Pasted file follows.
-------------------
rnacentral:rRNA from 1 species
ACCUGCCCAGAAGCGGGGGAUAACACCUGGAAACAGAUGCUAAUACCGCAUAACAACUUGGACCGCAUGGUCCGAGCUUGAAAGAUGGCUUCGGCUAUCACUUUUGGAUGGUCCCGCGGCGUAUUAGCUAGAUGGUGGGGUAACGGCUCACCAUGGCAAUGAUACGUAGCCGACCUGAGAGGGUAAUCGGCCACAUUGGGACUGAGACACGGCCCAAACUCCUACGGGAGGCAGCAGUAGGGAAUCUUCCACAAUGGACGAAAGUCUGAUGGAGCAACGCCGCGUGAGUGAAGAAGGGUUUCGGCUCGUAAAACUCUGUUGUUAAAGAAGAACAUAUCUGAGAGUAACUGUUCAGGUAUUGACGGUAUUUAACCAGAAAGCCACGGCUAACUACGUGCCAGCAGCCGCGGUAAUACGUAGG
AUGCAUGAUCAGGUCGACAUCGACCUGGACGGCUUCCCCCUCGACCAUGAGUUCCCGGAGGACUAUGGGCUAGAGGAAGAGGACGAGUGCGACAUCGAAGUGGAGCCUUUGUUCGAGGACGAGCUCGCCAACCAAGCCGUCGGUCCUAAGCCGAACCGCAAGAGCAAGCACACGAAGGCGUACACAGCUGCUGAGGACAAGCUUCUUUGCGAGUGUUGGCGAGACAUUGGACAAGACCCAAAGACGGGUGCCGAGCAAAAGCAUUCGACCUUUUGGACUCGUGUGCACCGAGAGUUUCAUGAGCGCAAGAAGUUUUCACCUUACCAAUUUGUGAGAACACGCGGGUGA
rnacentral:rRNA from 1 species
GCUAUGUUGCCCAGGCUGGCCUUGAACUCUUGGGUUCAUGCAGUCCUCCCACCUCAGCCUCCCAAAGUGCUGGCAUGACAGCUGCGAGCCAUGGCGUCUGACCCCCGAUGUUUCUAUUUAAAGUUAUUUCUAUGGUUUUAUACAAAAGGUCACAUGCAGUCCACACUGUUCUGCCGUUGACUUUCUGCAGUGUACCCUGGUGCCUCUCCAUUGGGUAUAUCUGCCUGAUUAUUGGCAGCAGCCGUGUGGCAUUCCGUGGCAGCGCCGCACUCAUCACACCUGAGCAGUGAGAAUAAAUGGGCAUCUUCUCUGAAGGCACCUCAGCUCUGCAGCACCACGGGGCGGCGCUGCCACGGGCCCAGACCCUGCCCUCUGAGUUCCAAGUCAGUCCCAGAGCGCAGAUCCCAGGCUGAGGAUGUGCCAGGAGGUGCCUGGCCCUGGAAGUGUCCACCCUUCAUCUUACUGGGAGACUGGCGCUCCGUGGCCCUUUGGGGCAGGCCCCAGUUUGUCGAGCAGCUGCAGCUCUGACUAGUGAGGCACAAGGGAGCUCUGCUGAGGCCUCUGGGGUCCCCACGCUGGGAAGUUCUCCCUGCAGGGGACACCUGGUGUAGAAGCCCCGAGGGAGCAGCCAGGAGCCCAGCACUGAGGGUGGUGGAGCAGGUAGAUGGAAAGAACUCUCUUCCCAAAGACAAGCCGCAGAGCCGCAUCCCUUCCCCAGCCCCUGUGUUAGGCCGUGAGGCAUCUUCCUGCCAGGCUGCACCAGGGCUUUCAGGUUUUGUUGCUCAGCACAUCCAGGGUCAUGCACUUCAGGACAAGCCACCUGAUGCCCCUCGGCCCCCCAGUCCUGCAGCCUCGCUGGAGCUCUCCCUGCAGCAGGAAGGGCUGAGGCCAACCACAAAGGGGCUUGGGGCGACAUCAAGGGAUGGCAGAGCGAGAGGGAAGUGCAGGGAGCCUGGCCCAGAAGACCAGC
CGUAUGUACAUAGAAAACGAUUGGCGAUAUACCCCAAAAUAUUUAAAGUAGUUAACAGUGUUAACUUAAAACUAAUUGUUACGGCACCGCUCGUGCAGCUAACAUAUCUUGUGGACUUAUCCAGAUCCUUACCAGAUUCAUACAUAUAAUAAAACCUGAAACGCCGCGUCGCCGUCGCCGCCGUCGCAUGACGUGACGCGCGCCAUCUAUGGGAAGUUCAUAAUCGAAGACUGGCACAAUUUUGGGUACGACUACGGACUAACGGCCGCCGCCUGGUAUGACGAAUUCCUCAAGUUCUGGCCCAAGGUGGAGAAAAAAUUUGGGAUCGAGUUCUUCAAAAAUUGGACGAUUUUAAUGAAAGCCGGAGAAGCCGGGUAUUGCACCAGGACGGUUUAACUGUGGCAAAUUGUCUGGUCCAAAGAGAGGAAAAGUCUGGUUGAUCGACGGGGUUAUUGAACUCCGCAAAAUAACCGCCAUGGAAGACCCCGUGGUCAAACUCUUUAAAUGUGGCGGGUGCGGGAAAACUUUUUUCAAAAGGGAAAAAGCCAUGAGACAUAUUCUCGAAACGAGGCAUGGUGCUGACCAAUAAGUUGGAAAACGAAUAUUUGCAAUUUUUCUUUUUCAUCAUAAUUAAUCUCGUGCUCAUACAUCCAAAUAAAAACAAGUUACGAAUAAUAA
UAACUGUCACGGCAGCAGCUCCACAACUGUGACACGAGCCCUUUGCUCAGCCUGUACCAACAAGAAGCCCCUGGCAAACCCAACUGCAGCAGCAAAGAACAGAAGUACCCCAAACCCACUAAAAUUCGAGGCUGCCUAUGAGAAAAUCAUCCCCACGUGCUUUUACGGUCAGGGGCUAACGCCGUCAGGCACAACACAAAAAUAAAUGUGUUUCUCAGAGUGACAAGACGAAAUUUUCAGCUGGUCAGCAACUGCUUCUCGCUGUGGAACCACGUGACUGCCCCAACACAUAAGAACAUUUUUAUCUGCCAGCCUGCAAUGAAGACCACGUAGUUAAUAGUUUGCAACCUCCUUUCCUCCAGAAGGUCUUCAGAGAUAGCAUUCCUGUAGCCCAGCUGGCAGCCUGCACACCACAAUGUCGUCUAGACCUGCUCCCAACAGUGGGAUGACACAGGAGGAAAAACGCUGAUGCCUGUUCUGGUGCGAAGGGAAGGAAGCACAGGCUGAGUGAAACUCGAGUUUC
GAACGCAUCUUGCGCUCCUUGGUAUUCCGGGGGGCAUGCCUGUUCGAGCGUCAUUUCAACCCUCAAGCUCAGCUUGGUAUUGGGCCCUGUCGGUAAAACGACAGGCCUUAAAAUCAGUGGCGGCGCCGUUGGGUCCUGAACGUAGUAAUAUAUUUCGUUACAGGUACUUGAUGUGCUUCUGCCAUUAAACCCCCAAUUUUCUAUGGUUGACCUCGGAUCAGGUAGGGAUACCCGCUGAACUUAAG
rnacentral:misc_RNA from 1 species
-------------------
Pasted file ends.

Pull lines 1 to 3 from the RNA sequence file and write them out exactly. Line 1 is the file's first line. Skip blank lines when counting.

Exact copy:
rnacentral:rRNA from 1 species
ACCUGCCCAGAAGCGGGGGAUAACACCUGGAAACAGAUGCUAAUACCGCAUAACAACUUGGACCGCAUGGUCCGAGCUUGAAAGAUGGCUUCGGCUAUCACUUUUGGAUGGUCCCGCGGCGUAUUAGCUAGAUGGUGGGGUAACGGCUCACCAUGGCAAUGAUACGUAGCCGACCUGAGAGGGUAAUCGGCCACAUUGGGACUGAGACACGGCCCAAACUCCUACGGGAGGCAGCAGUAGGGAAUCUUCCACAAUGGACGAAAGUCUGAUGGAGCAACGCCGCGUGAGUGAAGAAGGGUUUCGGCUCGUAAAACUCUGUUGUUAAAGAAGAACAUAUCUGAGAGUAACUGUUCAGGUAUUGACGGUAUUUAACCAGAAAGCCACGGCUAACUACGUGCCAGCAGCCGCGGUAAUACGUAGG
AUGCAUGAUCAGGUCGACAUCGACCUGGACGGCUUCCCCCUCGACCAUGAGUUCCCGGAGGACUAUGGGCUAGAGGAAGAGGACGAGUGCGACAUCGAAGUGGAGCCUUUGUUCGAGGACGAGCUCGCCAACCAAGCCGUCGGUCCUAAGCCGAACCGCAAGAGCAAGCACACGAAGGCGUACACAGCUGCUGAGGACAAGCUUCUUUGCGAGUGUUGGCGAGACAUUGGACAAGACCCAAAGACGGGUGCCGAGCAAAAGCAUUCGACCUUUUGGACUCGUGUGCACCGAGAGUUUCAUGAGCGCAAGAAGUUUUCACCUUACCAAUUUGUGAGAACACGCGGGUGA